A mural in the front area
A mural of Comandanta Ramona, a much beloved Zapatista commander who died a few years ago.
The world was so traumatized by Bush that they STILL have their anti-Bush stuff displayed. I can't say I blame them.
A mural of Che
To the right, in the front (closer to the road), there is a basketball court and, beyond it, an enormous Ceiba tree (the sacred tree of the Mayans). There are a few buildings beyond the basketball court, including an open air classroom.
This guy was wandering around.
On another side of the basketball court, there is a large room that is used as a woodshop. The education promoters from the region's schools have been trained in woodworking, and they are responsible for making their schools' furniture here. Beyond the woodshop, you'll find the kitchen. Here, they do not have gas stoves, only wood-fired stoves. Just behind the kitchen, there is a dish-washing station with running water in a large outdoor sink.
Very, very, very heavy wooden beams in the woodshop. They were using some VERY nice tropical hardwoods.
More wood in the woodshop.
Corn stored in the woodshop
Back, near the entry and the pile of firewood, if you go forward, you'll enter the jungle. Our drive from Palenque to Roberto Barrios was nothing but deforested cattle pastures, but here, the forest canopy remains. If you walk into the canopy on the path, you'll see another outdoor classroom and another building or two (dorms?) ahead and on your left, and these are actually historic for the Zapatistas. Long before the revolution, this was one of the first meeting places for the Zapatistas.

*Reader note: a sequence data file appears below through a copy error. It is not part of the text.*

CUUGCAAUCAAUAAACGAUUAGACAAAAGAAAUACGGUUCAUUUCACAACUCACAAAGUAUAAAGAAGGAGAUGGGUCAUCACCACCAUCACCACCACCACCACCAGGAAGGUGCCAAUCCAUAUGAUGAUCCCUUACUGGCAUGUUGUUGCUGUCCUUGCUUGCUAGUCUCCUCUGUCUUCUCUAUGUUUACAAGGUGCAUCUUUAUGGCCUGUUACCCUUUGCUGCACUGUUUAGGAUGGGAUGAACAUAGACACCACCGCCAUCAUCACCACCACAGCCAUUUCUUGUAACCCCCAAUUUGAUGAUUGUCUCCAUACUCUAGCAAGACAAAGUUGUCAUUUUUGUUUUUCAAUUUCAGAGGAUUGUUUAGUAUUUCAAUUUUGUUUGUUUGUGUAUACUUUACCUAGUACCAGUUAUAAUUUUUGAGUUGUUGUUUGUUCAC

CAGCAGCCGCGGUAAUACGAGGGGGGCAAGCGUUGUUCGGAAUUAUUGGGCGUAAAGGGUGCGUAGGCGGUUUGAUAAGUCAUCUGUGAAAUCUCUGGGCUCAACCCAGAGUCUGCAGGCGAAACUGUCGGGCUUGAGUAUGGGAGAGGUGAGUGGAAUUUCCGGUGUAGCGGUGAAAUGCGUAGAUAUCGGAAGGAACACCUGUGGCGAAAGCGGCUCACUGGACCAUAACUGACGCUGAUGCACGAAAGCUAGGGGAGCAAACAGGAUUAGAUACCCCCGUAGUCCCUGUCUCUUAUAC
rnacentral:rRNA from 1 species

Chicken. They had chickens walking around everywhere.
Going back into the jungle, if you look to the right, you'll see some cacao trees, a water tap that gives filtered water, and a pig pen and chicken/turkey coop. Further back, there is a picnic table, some showers, and latrines. But mostly, there's just jungle. In one of the large trees, there was a hive of meliponas, one of the native stingless bees we were here to talk about.
Now, starting back near the entry, at the firewood, if you go to the left, you will pass between a few buildings. One, on the side toward the forest, appeared to be a dorm that was absolutely packed full of people. Laundry and hammocks hung everywhere. The other, closer to the road, is the building that houses the store. Walk between these buildings and continue past them and you will find the school. There is also a multimedia room where the Zapatistas produce videos. Apparently, the film crew was off filming corn planting while we were there, so we didn't meet them.
Stored corn that had been eaten by bugs. It turns into this grey dust.
Irrigation equipment, being stored in the same room as the bug-eaten corn. Zapatistas have irrigation? Really? Sweet! I hadn't seen irrigation yet and didn't expect to find it.
A mural of Emiliano Zapata and Che
Chaya, a very nutritious plant that was growing near the school.
Some more chickens
With the tour concluded, we decided to go for a swim in the river, around 1pm. That was probably when the weather was about at it's hottest. Even though we were in the tropics, the weather really wasn't that bad, especially under the shade provided by the forest canopy. I completely agree with what someone in our group said: Who in their right mind would cut down all the trees, when the trees are what keeps the area cool??
Below are several pictures I took of the river and near the river.
We spent much of the rest of our day in the beekeeping workshop, which I will describe in a future diary. Ultimately, the Zapatistas gave us a room to sleep in, a room we had to share with a bunch of stored supplies for the new hospital, and a nesting Muscovy duck. We each hung up our hammocks, and then I had the lovely experience of trying to sleep in a hammock. I'm not sure I recommend it.